Namibia has become the 61st country to join the GBIF network, with Teofilus Nghitila, Executive Director of the Ministry of Environment, Forestry & Tourism, signing the GBIF Memorandum of Understanding to signal the government's intention to support open sharing of biodiversity data.
"Namibia has been generating biodiversity data for over a century, but much of it has been locked up in local institutions", said Francois Becker, Chief Curator at the National Museum of Namibia and newly appointed Node Manager. He continues: "Joining GBIF will provide a central platform to make this data available, and will ignite a unified national effort to generate and publish more species records. As Namibia continues to develop and our population grows, these records are imperative to the conservation and research of our unique ecosystems."
A Namibian project aimed at increasing the availability of biodiversity information—particularly on the country's many endemic species—has received funding through the most recent cycle of the EU-funded Biodiversity Information for Development (BID) programme. The project's twin focus on mobilizing data from key collections in the National Museum of Namibia and the National Botanical Research Institute and improving engagement on open data have together driven the push for Namibian participation in GBIF and the establishment of a national GBIF node.
GBIF's Deputy Director Tim Hirsch commented: "We warmly welcome Namibia into the GBIF community. As well as improving global knowledge about the extraordinary biodiversity of this diverse nation, Namibia's innovative approaches to conservation and sustainable use based on strong community buy-in will add rich experience to the GBIF Africa nodes group and support future collaborations in the region."
Namibia is home to the world’s largest cheetah population and to nutrient-rich waters along its 1,500-kilometer coastline, which support some of the planet's greatest populations of marine life. The coast is unique in the world for being entirely protected as a national park that forms the largest terrestrial protected area in Africa and the sixth-largest globally.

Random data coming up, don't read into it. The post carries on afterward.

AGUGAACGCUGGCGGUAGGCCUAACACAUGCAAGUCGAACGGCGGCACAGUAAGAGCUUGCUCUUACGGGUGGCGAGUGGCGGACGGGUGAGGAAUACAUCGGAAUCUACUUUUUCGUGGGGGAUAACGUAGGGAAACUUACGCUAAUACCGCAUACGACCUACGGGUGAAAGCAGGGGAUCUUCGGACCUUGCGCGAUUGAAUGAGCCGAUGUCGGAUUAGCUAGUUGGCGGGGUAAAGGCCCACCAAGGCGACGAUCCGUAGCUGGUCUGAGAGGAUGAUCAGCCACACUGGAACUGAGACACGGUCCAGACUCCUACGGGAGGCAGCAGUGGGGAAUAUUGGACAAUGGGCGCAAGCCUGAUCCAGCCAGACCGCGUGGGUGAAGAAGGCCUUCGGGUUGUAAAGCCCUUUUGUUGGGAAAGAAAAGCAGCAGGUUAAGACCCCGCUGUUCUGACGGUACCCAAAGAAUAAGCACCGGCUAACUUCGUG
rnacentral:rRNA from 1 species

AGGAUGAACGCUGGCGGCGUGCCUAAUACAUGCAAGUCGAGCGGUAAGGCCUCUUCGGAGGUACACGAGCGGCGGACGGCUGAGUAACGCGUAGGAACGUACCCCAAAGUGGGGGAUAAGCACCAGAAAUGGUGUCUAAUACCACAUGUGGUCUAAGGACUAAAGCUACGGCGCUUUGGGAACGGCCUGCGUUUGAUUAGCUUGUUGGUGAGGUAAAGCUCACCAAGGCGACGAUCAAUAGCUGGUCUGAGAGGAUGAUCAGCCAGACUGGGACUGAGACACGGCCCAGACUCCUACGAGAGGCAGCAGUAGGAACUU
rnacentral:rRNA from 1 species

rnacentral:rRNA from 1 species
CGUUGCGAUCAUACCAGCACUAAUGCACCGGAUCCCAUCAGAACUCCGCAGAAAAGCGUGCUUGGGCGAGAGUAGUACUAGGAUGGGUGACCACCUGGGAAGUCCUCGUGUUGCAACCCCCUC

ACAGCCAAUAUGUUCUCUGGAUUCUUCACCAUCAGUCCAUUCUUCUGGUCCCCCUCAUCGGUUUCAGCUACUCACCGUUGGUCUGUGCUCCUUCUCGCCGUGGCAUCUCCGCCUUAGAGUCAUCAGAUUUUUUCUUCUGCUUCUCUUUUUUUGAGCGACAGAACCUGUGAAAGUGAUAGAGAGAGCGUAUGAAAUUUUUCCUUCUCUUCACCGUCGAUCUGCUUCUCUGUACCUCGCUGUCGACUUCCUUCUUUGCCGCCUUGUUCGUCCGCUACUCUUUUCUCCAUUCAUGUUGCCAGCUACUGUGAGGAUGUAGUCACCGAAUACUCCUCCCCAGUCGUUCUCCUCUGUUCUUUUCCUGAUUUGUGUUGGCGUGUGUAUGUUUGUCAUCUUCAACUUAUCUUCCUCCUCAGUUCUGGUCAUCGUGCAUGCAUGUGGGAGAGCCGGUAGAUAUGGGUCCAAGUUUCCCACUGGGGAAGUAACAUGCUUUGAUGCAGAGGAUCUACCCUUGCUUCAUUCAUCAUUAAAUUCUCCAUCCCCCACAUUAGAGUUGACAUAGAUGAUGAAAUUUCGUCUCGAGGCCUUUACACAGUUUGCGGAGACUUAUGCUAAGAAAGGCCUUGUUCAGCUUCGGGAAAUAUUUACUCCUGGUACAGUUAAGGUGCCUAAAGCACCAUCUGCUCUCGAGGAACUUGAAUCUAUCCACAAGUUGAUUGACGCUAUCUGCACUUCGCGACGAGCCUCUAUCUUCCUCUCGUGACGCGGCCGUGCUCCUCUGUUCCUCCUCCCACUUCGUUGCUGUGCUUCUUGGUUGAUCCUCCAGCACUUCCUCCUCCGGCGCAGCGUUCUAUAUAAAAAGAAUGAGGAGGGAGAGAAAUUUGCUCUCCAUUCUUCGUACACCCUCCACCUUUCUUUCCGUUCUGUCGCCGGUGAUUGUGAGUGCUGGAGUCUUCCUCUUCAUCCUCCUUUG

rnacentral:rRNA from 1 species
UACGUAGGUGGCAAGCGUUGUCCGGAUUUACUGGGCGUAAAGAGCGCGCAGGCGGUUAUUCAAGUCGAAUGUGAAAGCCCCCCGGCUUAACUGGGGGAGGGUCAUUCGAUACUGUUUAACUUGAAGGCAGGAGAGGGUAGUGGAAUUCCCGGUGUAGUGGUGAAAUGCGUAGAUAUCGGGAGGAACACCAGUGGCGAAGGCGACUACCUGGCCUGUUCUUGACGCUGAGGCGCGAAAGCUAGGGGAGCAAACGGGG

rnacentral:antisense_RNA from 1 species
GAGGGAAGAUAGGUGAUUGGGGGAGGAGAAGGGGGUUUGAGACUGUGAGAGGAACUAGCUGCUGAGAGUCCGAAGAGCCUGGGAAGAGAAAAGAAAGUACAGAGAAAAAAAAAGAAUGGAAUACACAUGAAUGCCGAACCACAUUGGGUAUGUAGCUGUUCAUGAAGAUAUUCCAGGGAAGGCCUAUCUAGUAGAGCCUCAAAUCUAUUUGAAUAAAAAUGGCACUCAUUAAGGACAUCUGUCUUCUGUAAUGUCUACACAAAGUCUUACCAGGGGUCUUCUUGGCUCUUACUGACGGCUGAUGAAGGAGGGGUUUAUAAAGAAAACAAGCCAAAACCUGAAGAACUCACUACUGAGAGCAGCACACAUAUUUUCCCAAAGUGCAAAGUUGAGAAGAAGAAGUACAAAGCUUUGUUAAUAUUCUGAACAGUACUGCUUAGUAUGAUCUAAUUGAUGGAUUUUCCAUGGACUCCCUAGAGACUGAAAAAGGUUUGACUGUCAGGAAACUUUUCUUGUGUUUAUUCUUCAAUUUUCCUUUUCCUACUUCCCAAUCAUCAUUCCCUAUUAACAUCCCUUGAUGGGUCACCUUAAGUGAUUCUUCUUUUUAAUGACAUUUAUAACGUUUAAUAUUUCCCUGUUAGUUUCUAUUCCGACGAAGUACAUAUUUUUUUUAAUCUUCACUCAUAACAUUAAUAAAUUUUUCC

Despite being the most arid African country south of the Sahara Desert, Namibia holds a remarkable variety of habitats and ecosystems ranging from deserts to subtropical wetlands and savannas. It hosts the northern extent of the Succulent Karoo ecosystem, the planet's only arid biodiversity hotspot and home to the greatest diversity of these striking, water-preserving flora. The Tsau //Khaeb National Park (formerly Sperrgebiet NP), much of which was left undisturbed and closed to the public for nearly a century after the discovery of diamonds in the region, helps safeguard this unique landscape.
Users of GBIF.org currently have access to 1.6 million species occurrence records in Namibia, one third of which originate from the Southern African Bird Atlas Project published by the FitzPatrick Institute of African Ornithology in neighbouring South Africa. The IUCN Global Register of Introduced and Invasive Species (GRIIS) checklist published through GBIF identifies 297 introduced (alien) and invasive species known to occur in Namibia.